The British Labour Party's general secretary quit due to allegations that a wealthy donor gave the party 400,000 pounds (US$825,000; 556,000 EUR) without revealing his identity.
Peter Watt said he had been aware of the arrangement by which businessman David Abrahams funneled money through his business associates. But Watt said he thought he had been acting in accordance with campaign finance reporting requirements.
"I was advised that, unbeknown to me, there were additional reporting requirements," Watt said in a statement, adding that he was resigning with immediate effect.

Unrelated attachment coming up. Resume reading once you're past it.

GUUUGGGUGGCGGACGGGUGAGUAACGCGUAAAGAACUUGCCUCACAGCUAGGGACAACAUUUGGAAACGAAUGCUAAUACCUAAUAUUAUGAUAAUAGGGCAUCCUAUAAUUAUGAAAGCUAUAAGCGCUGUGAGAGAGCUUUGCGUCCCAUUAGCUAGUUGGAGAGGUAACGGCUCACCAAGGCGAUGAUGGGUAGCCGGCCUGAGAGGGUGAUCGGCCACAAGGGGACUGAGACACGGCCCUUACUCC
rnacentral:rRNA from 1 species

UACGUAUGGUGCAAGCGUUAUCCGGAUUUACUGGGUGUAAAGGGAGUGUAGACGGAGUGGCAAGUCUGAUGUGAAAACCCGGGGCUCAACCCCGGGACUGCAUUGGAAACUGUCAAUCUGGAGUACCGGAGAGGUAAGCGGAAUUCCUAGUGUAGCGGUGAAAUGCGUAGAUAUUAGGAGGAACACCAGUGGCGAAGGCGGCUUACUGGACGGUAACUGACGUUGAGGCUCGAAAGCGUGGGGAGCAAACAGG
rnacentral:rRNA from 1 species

The scandal over Abrahams' donations has drawn intense media attention in Britain and raised renewed questions over the ethics of how Britain's political parties raise money.
Funding scandals have dogged the Labour Party, which has been in power for the past decade.
Former Prime Minister Tony Blair's final years in office were clouded by an investigation into whether his associates offered honors, such as knighthoods and seats in Britain's House of Lords, in return for loans to the Labour Party.
No charges were ever brought, but the investigation damaged Blair and led to a broad-based effort to reform the fundraising system. But that effort broke down in October amid recriminations between the Labour and opposition Conservative negotiators trying to broker the deal.